Good luck with the writing. I was a National Park Ranger for a few years; my favorite post was living alone on an island at a lighthouse. I gave tours during the day and had the island to myself every night. Yep, I still miss that job.

  13. amber on July 3rd, 2009 8:14 pm

    Wow, that’s a lot of replies!

    *In high school I was the “sample lady” for breyer’s ice cream at the local supermarkets. Let me tell ya, fat kids don’t just love cake.

    *Then I worked as a clerk at a video store. One of my favorite stories to tell about that job was on a super busy Friday night a little boy about 2yrs old kept tugging on his mom saying he had to go to the bathroom reeeeallly bad and she kept saying “hang on honey, we’re almost done.” Couple minutes later I see the little guy scooting around the floor, dragging his butt like a dog with worms. He’d just crapped in the castle in the play area and was trying to wipe his bum. I handed the mom some paper towels and told her to have at it. Little did she know her son saved my Friday night. We shut down early enough that I was able to meet up with some friends for some underage debauchery. Fun, fun.

    *The following year I worked at a tanning salon. One of the most disgusting jobs EVER. Smelling burnt flesh, BO, coconut and the occasion bodily fluid left in the wastebasket starts to get to you after a while.

    I’ve also been a barista & a cart pusher at a supermarket. All in high school.

    After high school and college my jobs were less interesting. I was a volunteer lunch lady at my son’s school and before that was a bartender in a brewery. I hosted Belgian beer tastings there…that was lots of fun. Free beer, mmmmm.

  14. Danell on July 3rd, 2009 8:49 pm

    oooh! oooh! pick me! I was a professional groomer for years before I went to vet school!

  15. Amanda on July 3rd, 2009 10:13 pm

    I have a close friend who was a professional pig inseminator for a UCSF medical reserach grant. I could hook you up with her–she is verbose.

  16. Crystal on July 5th, 2009 1:57 pm

    I was a rollerskating rink manager for YEARS. Never a dull moment.

  17. Mia on July 6th, 2009 7:50 am

    Head of campus security at a small town farm college, oh yeah, did I mention I’m afraid of the dark and the boogieman? Vet tech college learning how to pregnancy check cattle “in the butt Bob”. Ten years as a veterinary technician. “Sir that’s not a tick it’s a nipple.” Currently I’m in human medicine and to afraid of HIPPA laws to talk about that, but email me and I can give you some good stories about security and vet med.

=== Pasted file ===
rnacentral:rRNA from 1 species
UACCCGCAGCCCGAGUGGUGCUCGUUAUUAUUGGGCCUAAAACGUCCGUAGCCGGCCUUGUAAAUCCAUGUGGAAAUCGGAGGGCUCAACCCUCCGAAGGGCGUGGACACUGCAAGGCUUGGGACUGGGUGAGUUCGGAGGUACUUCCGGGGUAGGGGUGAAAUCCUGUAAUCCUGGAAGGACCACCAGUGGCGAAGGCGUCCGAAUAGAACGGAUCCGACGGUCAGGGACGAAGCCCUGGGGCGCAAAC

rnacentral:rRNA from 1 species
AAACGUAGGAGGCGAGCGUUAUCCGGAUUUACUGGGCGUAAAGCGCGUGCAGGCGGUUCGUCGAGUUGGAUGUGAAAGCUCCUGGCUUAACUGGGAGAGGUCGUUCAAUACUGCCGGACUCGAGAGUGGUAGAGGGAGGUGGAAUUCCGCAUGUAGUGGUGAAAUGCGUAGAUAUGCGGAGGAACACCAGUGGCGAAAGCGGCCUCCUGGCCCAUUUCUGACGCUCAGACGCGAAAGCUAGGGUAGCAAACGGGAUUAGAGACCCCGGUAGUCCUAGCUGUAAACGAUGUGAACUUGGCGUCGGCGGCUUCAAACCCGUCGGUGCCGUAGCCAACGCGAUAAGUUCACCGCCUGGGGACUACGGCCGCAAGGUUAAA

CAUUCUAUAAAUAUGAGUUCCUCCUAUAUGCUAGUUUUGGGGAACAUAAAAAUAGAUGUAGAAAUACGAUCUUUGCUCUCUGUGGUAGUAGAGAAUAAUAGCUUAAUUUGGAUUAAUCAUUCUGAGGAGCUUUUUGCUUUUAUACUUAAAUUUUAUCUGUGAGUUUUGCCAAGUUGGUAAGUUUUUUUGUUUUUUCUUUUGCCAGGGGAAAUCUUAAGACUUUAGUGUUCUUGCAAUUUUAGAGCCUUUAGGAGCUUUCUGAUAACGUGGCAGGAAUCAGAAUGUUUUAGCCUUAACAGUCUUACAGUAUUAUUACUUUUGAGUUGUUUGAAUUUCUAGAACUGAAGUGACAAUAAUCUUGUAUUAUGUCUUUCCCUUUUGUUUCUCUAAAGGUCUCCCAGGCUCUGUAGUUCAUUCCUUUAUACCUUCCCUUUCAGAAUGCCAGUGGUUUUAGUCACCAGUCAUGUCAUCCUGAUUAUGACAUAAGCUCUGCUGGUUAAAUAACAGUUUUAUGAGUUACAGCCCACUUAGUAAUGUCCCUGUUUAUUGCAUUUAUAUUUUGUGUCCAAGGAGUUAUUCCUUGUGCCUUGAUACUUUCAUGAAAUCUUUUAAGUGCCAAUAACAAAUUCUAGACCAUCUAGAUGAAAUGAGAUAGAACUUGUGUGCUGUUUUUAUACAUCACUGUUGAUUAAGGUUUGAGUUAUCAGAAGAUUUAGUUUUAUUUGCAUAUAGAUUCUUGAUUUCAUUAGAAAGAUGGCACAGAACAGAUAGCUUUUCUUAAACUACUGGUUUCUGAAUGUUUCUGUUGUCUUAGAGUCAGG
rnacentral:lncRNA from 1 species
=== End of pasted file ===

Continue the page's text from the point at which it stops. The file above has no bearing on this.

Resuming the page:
18. KB on July 7th, 2009 4:03 pm

    Looks like another juvenile probation officer beat me to the punch. But I also write a monthly book review for a local magazine and of course would love to review your novel down the road!

  19. Keziah on July 8th, 2009 9:20 am

    I work as a secretary for a military helicopter repair/overhaul place in Vancouver. its very interesting to see them build blackhawks from the ground up, and the pilots and mechanics here…can you say – heavenly?

    I fell in love with a co-worker, and it ended in tragedy when the helicopter he was flying crashed

  20. danielle-lee on July 15th, 2009 12:18 pm

    I worked for Child Protective Services for 6 years, working with children in foster care, and working with those that had been sexually abused.
    Too much?
    Yeah, I know.
    I have been flirting with writing a novel for a LONG-ASS time. Cheers to you for getting it going.

  21. Jem on August 2nd, 2009 7:08 am

    I don’t know if it’s very interesting, or if you still need help, but I work as a tower host at a tall tower. The most interesting part of the job is when it gets windy, and when we’re driving the service lift (we rotate positions around the tower) things get kinda hairy in there. Email me if you want!